PORTLAND SPEEDWAY-"The Dirt Track" Swan Song for Portland Speedway Portland, Ore. (January 16, 2002) In business, as in life, all things must end. For 77 years, Portland Speedway has entertained legions of area race fans with some of the most ...
PORTLAND SPEEDWAY-"The Dirt Track"
Swan Song for Portland Speedway
Portland, Ore. (January 16, 2002) In business, as in life, all things must end. For 77 years, Portland Speedway has entertained legions of area race fans with some of the most exciting and unique auto racing events throughout its storied history. Due to an impasse with the track's landowner group, however, the historic North Portland oval racetrack is destined to be just a fond memory for its many fans and competitors.
"It's a real shame," stated track General Manager, Craig Armstrong. "To close the doors on a historic racetrack that has graced this community for so many years is awfully difficult. I can't help but weep for everybody who has ever called this place 'home'."
The speedway landowners' group has declined to extend the track's lease beyond its current year-to-year term, or to offer any concessions or rent relief in consideration of extensive capital improvements made by Western Speedway's Inc. (WSI), the operating company for the track. Delays in communication from the landowners to WSI have prompted the World of Outlaws Sprint Car Series to offer Portland Speedway's prime August, 2002 dates to two other tracks in the State of Washington. With no Outlaw dates on the calendar, and faced with additional improvements for the facility, ever-increasing annual rent payments, and a short term lease, it has become apparent to track management that continued operations would not be feasible.
"The landowners have categorically refused to participate with us to upgrade the facility over the years, so all improvements have been made solely by us", Armstrong said. "It just doesn't make economic sense to continue throwing good money at a losing proposition".
WSI acquired the operating rights for the aging facility in 1984. At the time of their initial lease, the property was in deplorable condition, with mountains of garbage and waste littering the grounds, as well as restrooms, grandstands and concession areas not fit for occupancy. Through many months of hard work and dedication by the staff and volunteers, the property was ready to reopen in the spring of that year with a prestigious sanctioning agreement from NASCAR.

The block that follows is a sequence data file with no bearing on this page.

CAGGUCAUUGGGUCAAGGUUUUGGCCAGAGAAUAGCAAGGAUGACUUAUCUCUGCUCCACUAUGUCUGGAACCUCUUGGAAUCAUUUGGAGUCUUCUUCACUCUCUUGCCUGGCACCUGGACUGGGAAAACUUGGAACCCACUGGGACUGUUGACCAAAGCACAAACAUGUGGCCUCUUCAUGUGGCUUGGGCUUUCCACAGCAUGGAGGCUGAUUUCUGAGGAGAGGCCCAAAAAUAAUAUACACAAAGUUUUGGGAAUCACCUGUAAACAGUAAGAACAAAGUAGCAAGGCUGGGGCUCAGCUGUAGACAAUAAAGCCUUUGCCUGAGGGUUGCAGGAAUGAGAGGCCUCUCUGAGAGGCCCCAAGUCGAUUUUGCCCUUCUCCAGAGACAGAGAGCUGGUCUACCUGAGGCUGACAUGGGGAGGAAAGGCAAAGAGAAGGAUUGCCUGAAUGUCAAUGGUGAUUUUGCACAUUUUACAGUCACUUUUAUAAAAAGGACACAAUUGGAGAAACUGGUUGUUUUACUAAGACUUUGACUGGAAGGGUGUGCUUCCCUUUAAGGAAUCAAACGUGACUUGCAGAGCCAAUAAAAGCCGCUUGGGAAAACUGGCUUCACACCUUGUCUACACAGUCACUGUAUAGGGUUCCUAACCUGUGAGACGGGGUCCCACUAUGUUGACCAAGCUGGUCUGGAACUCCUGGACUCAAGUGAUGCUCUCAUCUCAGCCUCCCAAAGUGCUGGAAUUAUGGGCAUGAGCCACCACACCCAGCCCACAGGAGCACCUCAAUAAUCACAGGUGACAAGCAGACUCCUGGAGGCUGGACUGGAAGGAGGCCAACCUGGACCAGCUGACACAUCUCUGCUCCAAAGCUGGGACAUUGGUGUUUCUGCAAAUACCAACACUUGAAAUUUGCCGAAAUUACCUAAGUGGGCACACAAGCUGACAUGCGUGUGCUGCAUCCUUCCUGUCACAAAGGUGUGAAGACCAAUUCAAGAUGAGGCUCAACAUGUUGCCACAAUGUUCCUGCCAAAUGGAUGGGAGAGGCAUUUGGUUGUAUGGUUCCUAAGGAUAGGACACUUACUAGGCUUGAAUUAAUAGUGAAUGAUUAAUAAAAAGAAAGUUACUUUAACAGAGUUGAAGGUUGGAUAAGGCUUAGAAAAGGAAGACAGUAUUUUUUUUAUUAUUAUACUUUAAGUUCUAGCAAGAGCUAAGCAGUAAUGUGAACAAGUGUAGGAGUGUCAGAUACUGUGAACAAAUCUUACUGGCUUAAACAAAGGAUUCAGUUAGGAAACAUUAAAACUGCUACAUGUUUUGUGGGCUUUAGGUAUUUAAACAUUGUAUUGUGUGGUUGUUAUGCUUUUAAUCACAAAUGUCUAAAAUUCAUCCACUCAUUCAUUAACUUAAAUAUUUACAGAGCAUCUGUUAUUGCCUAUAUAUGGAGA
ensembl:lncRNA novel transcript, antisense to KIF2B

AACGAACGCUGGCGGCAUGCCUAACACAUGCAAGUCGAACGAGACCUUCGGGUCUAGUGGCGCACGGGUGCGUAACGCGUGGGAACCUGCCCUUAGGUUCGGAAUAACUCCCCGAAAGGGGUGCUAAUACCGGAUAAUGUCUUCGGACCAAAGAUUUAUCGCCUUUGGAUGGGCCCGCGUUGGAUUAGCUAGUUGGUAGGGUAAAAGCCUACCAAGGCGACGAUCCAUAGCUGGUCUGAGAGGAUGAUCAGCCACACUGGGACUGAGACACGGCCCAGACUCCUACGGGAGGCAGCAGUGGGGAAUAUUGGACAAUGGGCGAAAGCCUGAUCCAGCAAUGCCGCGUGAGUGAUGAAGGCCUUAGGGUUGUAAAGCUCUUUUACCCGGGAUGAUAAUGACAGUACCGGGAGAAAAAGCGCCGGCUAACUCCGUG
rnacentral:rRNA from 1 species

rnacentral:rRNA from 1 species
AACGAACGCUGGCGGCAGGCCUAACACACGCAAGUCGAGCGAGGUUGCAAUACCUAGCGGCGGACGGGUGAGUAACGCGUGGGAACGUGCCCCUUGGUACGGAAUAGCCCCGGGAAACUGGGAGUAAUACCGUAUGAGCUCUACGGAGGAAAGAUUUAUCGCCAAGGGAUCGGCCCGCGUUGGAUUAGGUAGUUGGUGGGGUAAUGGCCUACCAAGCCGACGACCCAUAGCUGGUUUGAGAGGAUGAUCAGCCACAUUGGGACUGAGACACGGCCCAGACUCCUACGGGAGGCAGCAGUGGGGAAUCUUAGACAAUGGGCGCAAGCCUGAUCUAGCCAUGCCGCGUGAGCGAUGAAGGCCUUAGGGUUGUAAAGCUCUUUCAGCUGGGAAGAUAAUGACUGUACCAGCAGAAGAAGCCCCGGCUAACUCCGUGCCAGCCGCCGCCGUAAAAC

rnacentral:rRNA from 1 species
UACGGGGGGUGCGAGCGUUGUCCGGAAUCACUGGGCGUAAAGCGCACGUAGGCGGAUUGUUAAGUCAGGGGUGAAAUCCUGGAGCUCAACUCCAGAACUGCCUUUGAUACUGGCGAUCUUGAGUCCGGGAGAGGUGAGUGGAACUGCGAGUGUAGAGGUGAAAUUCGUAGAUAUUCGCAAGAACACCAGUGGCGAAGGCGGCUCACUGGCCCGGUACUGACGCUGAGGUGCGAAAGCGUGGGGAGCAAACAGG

Armstrong said that the absence of consideration for capital improvements, coupled with the year-to-year lease agreement that called for annually increasing rent payments, pushed the track's overhead to the limit. And, according to industry surveys, Portland Speedway rates at the top-end among weekly racetracks nationwide for landlord compensation.
"We lost the NASCAR Craftsman Truck Series after 1998, due mainly to our lease making it virtually impossible to secure financing for NASCAR's required improvements," Armstrong said. "Since we couldn't come up with the nearly one million dollars to re-pave the track and create a 'hot pit' area for the trucks, we lost the race. After that we had no marquee event and even considered closing the track after the disappointing 1999 season. If it were not for the opportunity to get the World of Outlaws here in 2000, we sure as heck wouldn't have borrowed the money and risked big to convert the track to clay, put in new walls and fencing, and install a state-of-the-art MUSCO Lighting system. Now it appears that the Outlaws are gone, so we really have nowhere to go from here."
Armstrong says that, after 14 years at the helm of Portland Speedway, the situation is personally devastating. "I grew up at Portland Speedway and spent the better part of my adult life trying to make this track a great place for competitors and spectators to come and enjoy," Armstrong said. "I feel the saddest for our drivers and their families, who will not have a local track to enjoy their favorite sport on Friday nights."
"Let me be perfectly clear on one thing," Armstrong continued. "This in no way represents a negative trend in the weekly short track business in general. This situation is an anomaly. I believe the sport is very much alive and healthy, and I expect to be a part of this business as long as the Good Lord gives me breath."
Armstrong, a native of Portland, serves as President and CEO of WSI and has managed Portland Speedway since 1988. He plans an orderly closure of the track within the next month, and is currently considering proposals to build a new asphalt oval in the greater Portland metro area.